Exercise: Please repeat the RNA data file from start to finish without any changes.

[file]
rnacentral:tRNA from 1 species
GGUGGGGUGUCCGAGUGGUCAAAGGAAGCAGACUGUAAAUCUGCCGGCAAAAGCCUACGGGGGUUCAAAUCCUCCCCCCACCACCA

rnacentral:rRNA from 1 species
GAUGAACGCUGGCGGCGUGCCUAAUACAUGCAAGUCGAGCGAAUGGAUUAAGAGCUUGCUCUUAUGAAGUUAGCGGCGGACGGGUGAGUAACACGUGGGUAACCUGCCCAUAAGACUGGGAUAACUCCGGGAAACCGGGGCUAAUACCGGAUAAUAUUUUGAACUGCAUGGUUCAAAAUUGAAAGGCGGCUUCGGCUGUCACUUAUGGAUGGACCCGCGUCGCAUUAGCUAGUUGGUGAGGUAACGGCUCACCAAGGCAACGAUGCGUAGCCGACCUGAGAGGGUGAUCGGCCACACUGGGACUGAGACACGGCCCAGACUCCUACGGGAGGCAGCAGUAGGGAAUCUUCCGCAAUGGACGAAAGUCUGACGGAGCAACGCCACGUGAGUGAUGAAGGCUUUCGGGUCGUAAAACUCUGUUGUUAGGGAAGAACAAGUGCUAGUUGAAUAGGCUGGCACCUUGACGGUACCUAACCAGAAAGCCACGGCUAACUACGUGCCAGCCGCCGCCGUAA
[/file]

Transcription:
rnacentral:tRNA from 1 species
GGUGGGGUGUCCGAGUGGUCAAAGGAAGCAGACUGUAAAUCUGCCGGCAAAAGCCUACGGGGGUUCAAAUCCUCCCCCCACCACCA

rnacentral:rRNA from 1 species
GAUGAACGCUGGCGGCGUGCCUAAUACAUGCAAGUCGAGCGAAUGGAUUAAGAGCUUGCUCUUAUGAAGUUAGCGGCGGACGGGUGAGUAACACGUGGGUAACCUGCCCAUAAGACUGGGAUAACUCCGGGAAACCGGGGCUAAUACCGGAUAAUAUUUUGAACUGCAUGGUUCAAAAUUGAAAGGCGGCUUCGGCUGUCACUUAUGGAUGGACCCGCGUCGCAUUAGCUAGUUGGUGAGGUAACGGCUCACCAAGGCAACGAUGCGUAGCCGACCUGAGAGGGUGAUCGGCCACACUGGGACUGAGACACGGCCCAGACUCCUACGGGAGGCAGCAGUAGGGAAUCUUCCGCAAUGGACGAAAGUCUGACGGAGCAACGCCACGUGAGUGAUGAAGGCUUUCGGGUCGUAAAACUCUGUUGUUAGGGAAGAACAAGUGCUAGUUGAAUAGGCUGGCACCUUGACGGUACCUAACCAGAAAGCCACGGCUAACUACGUGCCAGCCGCCGCCGUAA